The voice in your head may help you recall and process words. But what if you don’t have one?

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Can you imagine hearing yourself speak? A voice inside your head – perhaps reciting a shopping list or a phone number? What would life be like if you couldn’t?

Some people, including me, cannot have imagined visual experiences. We cannot close our eyes and conjure an experience of seeing a loved one’s face, or imagine our lounge room layout – to consider if a new piece of furniture might fit in it. This is called “aphantasia”, from a Greek phrase where the “a” means without, and “phantasia” refers to an image. Colloquially, people like myself are often referred to as having a “blind mind”.

While most attention has been given to the inability to have imagined visual sensations, aphantasics can lack other imagined experiences. We might be unable to experience imagined tastes or smells. Some people cannot imagine hearing themselves speak.

A recent study has advanced our understanding of people who cannot imagine hearing their own internal monologue. Importantly, the authors have identified some tasks that such people are more likely to find challenging.

What the study found

Researchers at the University of Copenhagen in Denmark and at the University of Wisconsin-Madison in the United States recruited 93 volunteers. They included 46 adults who reported low levels of inner speech and 47 who reported high levels.

Both groups were given challenging tasks: judging if the names of objects they had seen would rhyme and recalling words. The group without an inner monologue performed worse. But differences disappeared when everyone could say words aloud.

Importantly, people who reported less inner speech were not worse at all tasks. They could recall similar numbers of words when the words had a different appearance to one another. This negates any suggestion that aphants (people with aphantasia) simply weren’t trying or were less capable.

image of boy sitting with diagram of gold brain superimposed over image
Hearing our own imagined voice may play an important role in word processing. sutadimages/Shutterstock

A welcome validation

The study provides some welcome evidence for the lived experiences of some aphants, who are still often told their experiences are not different, but rather that they cannot describe their imagined experiences. Some people feel anxiety when they realise other people can have imagined experiences that they cannot. These feelings may be deepened when others assert they are merely confused or inarticulate.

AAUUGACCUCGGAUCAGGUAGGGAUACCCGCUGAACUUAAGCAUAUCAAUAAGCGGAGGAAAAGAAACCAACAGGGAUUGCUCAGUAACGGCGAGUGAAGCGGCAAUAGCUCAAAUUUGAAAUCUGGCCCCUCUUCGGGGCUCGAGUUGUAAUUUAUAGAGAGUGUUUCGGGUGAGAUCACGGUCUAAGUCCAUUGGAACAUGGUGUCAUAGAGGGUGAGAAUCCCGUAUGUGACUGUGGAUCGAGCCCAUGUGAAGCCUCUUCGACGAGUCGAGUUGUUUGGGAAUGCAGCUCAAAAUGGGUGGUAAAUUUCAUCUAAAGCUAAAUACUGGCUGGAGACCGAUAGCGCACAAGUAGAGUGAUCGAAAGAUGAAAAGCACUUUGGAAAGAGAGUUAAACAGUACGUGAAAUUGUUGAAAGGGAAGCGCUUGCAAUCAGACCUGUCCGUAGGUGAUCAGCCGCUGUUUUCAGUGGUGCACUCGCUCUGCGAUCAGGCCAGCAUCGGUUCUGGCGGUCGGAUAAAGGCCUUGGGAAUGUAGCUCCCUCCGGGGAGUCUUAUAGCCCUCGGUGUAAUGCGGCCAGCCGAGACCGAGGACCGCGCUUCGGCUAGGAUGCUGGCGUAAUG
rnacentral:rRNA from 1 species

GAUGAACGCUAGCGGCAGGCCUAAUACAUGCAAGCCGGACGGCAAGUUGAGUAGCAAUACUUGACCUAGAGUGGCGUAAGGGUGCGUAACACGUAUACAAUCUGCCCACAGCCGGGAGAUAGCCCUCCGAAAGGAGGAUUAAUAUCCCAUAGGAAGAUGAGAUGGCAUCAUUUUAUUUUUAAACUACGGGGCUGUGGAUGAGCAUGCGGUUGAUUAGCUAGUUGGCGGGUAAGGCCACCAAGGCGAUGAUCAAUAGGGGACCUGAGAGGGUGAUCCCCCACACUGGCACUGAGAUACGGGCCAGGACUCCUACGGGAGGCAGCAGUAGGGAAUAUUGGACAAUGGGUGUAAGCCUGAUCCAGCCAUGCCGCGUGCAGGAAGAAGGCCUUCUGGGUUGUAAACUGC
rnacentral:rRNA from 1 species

In my own aphantasia research I have often quizzed crowds of people on their capacity to have imagined experiences.

Questions about the capacity to have imagined visual or audio sensations tend to be excitedly endorsed by a vast majority, but questions about imagined experiences of taste or smell seem to cause more confusion. Some people are adamant they can do this, including a colleague who says he can imagine what combinations of ingredients will taste like when cooked together. But other responses suggest subtypes of aphantasia may prove to be more common than we realise.

The authors of the recent study suggest the inability to imagine hearing yourself speak should be referred to as “anendophasia”, meaning without inner speech. Other authors had suggested anauralia (meaning without auditory imagery). Still other researchers have referred to all types of imagined sensation as being different types of “imagery”.

Having consistent names is important. It can help scientists “talk” to one another to compare findings. If different authors use different names, important evidence can be missed.

bare foot on mossy green grass

We have more than 5 senses

Debate continues about how many senses humans have, but some scientists reasonably argue for a number greater than 20.

In addition to the five senses of sight, smell, taste, touch and hearing, lesser known senses include thermoception (our sense of heat) and proprioception (awareness of the positions of our body parts). Thanks to proprioception, most of us can close our eyes and touch the tip of our index finger to our nose. Thanks to our vestibular sense, we typically have a good idea of which way is up and can maintain balance.

It may be tempting to give a new name to each inability to have a given type of imagined sensation. But this could lead to confusion. Another approach would be to adapt phrases that are already widely used. People who are unable to have imagined sensations commonly refer to ourselves as “aphants”. This could be adapted with a prefix, such as “audio aphant”. Time will tell which approach is adopted by most researchers.

Why we should keep investigating

Regardless of the names we use, the study of multiple types of inability to have an imagined sensation is important. These investigations could reveal the essential processes in human brains that bring about a conscious experience of an imagined sensation.

In time, this will not only lead to a better understanding of the diversity of humans, but may help uncover how human brains can create any conscious sensation. This question – how and where our conscious feelings are generated – remains one of the great mysteries of science.

This article is republished from The Conversation. It was written by: Derek Arnold, The University of Queensland

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Derek Arnold has received funding from the Australian Research Council.